Pots of happy succulents lined the porch railing. “I only grow things that like it here,” said my husband’s cousin as we toured his mountain-top cabin in North Carolina. So obvious it made me laugh. Laugh at how many times I placed a plant where it never wanted to be. Like the azalea—a woody skeleton at the end of a Midwestern winter. Lush cascades of rhododendron roll down the Carolina mountain side. Ha!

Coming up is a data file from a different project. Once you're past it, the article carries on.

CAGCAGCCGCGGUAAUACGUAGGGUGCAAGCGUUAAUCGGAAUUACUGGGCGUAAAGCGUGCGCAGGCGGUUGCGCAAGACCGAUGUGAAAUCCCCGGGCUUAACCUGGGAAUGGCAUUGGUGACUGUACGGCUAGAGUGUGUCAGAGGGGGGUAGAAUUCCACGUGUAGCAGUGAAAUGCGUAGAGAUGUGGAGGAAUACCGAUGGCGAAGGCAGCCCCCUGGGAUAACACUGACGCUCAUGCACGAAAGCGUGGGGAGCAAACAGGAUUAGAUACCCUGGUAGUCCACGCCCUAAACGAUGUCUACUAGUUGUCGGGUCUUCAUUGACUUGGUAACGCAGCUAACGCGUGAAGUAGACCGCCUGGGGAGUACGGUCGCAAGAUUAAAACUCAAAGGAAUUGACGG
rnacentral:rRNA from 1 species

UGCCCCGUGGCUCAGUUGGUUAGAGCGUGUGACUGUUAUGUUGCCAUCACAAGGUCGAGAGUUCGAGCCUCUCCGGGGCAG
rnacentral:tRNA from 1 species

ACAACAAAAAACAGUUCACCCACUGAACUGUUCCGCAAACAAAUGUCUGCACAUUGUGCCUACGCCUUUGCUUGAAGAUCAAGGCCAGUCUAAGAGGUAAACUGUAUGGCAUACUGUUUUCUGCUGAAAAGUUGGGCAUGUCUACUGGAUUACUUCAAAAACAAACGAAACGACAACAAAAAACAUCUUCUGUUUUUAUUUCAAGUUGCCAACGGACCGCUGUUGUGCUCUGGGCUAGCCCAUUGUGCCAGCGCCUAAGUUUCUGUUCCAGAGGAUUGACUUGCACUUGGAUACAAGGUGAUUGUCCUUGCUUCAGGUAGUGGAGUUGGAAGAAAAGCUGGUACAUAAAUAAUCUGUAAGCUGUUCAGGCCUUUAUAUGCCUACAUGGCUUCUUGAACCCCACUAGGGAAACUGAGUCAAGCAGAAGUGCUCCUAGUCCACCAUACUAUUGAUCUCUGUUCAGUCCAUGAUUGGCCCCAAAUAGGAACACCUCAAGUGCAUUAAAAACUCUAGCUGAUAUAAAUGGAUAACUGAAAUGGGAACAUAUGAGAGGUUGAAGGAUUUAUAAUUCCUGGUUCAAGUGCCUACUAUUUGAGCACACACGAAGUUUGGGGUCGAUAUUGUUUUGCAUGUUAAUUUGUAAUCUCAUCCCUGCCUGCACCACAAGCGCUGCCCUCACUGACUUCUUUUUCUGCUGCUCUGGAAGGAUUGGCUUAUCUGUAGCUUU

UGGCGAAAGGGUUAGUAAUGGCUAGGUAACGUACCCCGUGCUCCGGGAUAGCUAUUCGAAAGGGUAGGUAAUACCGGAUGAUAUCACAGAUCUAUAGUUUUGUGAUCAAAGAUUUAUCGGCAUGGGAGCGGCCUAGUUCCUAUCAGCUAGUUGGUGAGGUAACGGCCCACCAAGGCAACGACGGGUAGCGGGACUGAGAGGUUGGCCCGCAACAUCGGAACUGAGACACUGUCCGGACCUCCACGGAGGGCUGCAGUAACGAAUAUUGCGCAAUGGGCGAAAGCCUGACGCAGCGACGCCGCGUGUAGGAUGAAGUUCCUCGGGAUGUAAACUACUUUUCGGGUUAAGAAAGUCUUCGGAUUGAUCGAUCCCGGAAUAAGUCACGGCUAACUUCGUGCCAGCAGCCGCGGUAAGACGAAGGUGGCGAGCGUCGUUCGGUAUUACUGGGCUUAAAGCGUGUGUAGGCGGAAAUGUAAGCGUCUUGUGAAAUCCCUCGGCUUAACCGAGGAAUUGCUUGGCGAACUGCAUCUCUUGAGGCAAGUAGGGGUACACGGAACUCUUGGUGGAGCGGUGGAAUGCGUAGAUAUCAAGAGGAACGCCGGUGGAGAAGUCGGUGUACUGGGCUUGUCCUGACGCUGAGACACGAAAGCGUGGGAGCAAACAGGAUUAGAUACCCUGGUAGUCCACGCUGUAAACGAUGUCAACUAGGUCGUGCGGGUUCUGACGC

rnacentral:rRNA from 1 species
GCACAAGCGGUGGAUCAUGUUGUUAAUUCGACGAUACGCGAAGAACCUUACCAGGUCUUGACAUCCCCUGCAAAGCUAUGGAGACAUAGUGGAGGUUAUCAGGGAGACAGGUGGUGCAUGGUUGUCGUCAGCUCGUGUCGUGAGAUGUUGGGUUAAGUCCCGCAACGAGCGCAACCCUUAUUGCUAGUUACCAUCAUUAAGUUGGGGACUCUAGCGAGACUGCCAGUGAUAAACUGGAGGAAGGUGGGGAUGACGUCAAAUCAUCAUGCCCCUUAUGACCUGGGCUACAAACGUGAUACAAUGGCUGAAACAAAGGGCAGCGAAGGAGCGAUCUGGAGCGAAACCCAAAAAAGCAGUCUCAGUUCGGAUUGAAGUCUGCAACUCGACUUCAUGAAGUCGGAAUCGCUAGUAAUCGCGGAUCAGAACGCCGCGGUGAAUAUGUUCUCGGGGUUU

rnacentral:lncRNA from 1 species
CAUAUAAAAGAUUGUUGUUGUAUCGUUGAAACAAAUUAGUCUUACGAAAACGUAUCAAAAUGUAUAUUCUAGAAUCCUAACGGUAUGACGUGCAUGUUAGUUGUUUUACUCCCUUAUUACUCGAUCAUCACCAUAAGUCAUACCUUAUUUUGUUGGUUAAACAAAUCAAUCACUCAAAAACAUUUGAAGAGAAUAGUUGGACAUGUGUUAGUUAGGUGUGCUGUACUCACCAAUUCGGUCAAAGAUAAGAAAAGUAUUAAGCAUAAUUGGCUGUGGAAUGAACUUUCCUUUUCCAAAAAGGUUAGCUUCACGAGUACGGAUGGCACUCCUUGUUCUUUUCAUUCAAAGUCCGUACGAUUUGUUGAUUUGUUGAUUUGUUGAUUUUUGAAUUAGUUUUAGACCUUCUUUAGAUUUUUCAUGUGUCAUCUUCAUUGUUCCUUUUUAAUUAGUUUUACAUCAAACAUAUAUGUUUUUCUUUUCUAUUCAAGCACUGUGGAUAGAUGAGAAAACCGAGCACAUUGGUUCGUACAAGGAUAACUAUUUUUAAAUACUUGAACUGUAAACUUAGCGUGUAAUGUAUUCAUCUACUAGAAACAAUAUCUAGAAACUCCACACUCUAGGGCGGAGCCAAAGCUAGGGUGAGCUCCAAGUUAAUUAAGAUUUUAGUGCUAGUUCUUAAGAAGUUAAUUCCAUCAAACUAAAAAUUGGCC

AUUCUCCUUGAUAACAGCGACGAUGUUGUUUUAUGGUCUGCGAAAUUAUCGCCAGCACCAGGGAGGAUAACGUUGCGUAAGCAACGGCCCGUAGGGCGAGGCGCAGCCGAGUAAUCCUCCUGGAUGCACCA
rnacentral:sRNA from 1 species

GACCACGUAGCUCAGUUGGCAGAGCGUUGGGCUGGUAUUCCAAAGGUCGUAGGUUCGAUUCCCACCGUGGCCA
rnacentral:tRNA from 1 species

Piet Oudolf, the legendary plantsman from the Netherlands, recently came to Chicago to talk about seasonality in garden design. He counters the traditional practice of putting the garden to rest for winter with designs of year-round interest and plants in all their stages of life. The Lurie Garden in fall is a painterly, nuanced vision.
Metaphors grow in gardens. And sometimes I listen to what the plant kingdom has to say. When we lost all the JFK roses, I knew it was time to sell the house.